Besides the big factor of saving time, less consumables were used with six stacked gels compared with six gels run separately. The runtime of 54 hours for the six stacked gels was found to be sufficient and suitable as the molecular weight of the DNA did not exceed 700 kb with the use of Xba 1 as the restriction endonuclease. However, with different restriction endonucleases, the molecular size of the DNA to be separated will be variable and therefore the runtime will also vary. With the stacked gels, the maximum current used was 0.28 Amps and did not exceed the maximum of 0.35 Amps allowed to be used safely with a Chef-DR11 apparatus (personal communication - Bio-Rad).
With the stacking gels, some increase in lane distortion (smiling effect) around the edges was observed, but this does not affect the outcome due to normalization of the results during the process of BioNumerics. In agreement with the report by Nagy and Choo,  we too did not encounter any cross contamination between the gels. We believe that air bubbles trapped in between the gels during PFGE further prevented cross contamination.
In conclusion, stacking gels save resources (electricity, reagents, water, chemicals and working time) and increase the sample throughput in a shorter time without compromising on the quality of data. It is useful and economical particularly in outbreak situations when large number of samples have to be processed in a short time. This method will also be useful in food microbiology where large samples have to be analysed. But, optimization of working parameters is vital depending on the PFGEsystem used.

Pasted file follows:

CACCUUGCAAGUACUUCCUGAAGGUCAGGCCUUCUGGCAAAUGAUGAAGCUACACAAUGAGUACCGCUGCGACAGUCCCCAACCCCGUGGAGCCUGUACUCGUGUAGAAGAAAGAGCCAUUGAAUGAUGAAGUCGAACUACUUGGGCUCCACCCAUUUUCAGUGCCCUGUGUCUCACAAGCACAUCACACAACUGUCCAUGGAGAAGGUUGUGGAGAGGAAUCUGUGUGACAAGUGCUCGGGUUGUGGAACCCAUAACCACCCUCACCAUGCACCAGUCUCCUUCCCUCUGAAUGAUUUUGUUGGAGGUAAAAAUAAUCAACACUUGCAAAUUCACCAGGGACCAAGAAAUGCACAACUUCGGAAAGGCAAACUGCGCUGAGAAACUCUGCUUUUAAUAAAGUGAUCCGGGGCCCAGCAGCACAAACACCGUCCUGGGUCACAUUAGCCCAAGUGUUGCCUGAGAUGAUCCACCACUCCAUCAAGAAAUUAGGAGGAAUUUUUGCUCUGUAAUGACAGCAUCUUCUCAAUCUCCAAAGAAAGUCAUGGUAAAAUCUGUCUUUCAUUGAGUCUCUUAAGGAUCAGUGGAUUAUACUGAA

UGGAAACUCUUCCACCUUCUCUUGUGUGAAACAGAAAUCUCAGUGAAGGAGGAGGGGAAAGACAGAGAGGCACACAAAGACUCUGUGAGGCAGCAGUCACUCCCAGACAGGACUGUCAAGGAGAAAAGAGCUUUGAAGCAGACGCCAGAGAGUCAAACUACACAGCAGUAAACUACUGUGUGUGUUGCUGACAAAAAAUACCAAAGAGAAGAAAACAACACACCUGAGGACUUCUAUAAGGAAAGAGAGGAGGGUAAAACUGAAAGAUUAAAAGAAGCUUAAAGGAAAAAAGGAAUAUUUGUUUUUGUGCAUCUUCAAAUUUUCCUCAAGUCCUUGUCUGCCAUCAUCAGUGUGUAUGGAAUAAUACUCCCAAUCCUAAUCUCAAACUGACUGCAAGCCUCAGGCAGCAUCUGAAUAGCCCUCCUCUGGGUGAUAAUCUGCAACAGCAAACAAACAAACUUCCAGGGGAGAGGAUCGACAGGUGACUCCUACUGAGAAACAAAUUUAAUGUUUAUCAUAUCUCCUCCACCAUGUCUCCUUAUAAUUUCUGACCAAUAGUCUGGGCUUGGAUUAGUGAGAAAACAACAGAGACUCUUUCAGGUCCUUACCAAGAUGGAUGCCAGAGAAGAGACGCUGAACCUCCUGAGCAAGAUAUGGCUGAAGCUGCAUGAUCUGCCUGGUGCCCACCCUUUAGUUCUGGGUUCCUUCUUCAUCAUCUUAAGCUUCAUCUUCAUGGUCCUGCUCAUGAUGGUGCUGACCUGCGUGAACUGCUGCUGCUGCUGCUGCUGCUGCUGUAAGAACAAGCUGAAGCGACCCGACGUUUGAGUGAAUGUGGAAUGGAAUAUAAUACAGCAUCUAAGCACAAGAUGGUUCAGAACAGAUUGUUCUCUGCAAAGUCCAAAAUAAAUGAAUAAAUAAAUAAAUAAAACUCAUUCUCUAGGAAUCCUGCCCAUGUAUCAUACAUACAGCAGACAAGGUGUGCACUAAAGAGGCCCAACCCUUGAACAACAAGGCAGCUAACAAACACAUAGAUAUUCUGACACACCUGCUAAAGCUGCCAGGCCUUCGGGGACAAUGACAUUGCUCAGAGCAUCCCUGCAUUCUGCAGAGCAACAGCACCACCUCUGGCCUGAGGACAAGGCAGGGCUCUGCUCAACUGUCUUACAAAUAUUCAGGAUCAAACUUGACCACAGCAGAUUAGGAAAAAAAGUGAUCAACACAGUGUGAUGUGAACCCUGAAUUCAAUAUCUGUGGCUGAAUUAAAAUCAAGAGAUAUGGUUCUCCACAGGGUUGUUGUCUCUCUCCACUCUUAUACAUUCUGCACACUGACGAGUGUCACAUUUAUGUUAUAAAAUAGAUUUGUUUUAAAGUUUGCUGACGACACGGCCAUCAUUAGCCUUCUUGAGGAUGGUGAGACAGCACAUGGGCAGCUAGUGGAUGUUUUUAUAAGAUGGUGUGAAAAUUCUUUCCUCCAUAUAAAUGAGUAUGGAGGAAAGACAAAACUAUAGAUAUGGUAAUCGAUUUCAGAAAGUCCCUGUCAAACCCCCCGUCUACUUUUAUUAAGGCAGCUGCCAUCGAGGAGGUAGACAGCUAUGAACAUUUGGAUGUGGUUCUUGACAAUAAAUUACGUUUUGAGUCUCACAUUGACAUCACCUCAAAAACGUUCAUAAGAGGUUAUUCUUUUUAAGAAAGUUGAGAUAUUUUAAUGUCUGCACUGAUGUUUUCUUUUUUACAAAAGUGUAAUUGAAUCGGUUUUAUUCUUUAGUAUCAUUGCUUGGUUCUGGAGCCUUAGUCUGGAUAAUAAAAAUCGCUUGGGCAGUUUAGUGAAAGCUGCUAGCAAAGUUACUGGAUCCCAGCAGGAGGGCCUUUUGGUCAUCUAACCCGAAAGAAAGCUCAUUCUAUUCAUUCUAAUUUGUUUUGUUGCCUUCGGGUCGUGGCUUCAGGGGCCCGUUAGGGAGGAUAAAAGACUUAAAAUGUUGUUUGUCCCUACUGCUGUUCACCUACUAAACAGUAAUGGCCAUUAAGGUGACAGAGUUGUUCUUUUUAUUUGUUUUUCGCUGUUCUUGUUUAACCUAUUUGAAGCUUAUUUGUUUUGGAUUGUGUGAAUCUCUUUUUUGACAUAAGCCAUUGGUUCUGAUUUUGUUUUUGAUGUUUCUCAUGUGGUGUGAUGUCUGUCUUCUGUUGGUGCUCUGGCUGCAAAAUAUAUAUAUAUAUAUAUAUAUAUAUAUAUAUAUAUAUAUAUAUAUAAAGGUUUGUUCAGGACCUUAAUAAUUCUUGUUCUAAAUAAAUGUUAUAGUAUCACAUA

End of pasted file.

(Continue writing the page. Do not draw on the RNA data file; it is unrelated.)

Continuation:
The authors thank Prof. Tosso Leeb, University of Berne, Dr. Doinita Ispas of Bio-Rad Romania and Dr. Yue Xie of Bio-Rad Laboratories, Hercules, USA, for useful technical advice.
SKH is grateful to the Ministry of Health for granting study leave and scholarship for her MSc at the University of Malaya.
This study was funded by eSciencefund from the Ministry of Science, Technology and Innovation, Malaysia (no. 12-02-03-2033).